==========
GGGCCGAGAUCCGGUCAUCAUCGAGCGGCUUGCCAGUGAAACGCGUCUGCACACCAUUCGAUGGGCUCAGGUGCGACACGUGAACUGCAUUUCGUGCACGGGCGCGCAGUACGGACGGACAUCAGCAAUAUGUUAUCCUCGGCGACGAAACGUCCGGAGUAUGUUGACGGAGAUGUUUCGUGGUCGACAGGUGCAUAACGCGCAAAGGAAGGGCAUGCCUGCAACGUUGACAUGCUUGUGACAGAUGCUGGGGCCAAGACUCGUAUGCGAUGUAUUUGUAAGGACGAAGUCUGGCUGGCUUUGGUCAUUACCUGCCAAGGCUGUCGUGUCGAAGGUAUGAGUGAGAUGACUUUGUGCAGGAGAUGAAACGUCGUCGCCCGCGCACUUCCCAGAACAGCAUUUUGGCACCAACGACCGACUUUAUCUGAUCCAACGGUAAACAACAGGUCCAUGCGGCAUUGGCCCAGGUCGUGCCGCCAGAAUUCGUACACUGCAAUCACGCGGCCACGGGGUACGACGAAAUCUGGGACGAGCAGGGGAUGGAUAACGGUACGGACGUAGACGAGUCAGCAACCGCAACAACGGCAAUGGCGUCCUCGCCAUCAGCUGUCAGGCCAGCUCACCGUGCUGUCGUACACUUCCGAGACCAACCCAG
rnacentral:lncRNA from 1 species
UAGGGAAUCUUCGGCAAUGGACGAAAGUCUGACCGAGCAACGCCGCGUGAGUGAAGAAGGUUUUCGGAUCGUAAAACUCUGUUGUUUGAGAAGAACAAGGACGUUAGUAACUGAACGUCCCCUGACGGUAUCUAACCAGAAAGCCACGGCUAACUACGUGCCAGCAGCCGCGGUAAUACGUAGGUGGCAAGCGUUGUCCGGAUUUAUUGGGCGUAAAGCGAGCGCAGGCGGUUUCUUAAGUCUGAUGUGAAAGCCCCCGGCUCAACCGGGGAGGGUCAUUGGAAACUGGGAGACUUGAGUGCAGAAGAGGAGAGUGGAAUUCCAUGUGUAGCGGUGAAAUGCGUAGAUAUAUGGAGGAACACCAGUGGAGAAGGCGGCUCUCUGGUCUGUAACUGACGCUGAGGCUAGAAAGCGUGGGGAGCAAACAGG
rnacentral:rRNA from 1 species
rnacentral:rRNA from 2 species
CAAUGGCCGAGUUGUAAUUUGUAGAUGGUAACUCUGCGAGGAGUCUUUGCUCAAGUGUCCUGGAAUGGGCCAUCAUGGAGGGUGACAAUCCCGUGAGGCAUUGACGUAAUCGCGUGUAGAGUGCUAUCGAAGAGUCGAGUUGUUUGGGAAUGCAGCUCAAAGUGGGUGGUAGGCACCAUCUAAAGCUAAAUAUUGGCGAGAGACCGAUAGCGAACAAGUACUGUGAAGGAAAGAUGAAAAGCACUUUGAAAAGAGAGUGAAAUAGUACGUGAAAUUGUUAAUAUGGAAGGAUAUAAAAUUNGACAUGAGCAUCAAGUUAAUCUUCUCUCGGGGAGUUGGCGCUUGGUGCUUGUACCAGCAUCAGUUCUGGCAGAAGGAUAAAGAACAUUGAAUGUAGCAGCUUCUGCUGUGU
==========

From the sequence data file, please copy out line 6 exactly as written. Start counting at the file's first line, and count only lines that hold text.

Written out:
CAAUGGCCGAGUUGUAAUUUGUAGAUGGUAACUCUGCGAGGAGUCUUUGCUCAAGUGUCCUGGAAUGGGCCAUCAUGGAGGGUGACAAUCCCGUGAGGCAUUGACGUAAUCGCGUGUAGAGUGCUAUCGAAGAGUCGAGUUGUUUGGGAAUGCAGCUCAAAGUGGGUGGUAGGCACCAUCUAAAGCUAAAUAUUGGCGAGAGACCGAUAGCGAACAAGUACUGUGAAGGAAAGAUGAAAAGCACUUUGAAAAGAGAGUGAAAUAGUACGUGAAAUUGUUAAUAUGGAAGGAUAUAAAAUUNGACAUGAGCAUCAAGUUAAUCUUCUCUCGGGGAGUUGGCGCUUGGUGCUUGUACCAGCAUCAGUUCUGGCAGAAGGAUAAAGAACAUUGAAUGUAGCAGCUUCUGCUGUGU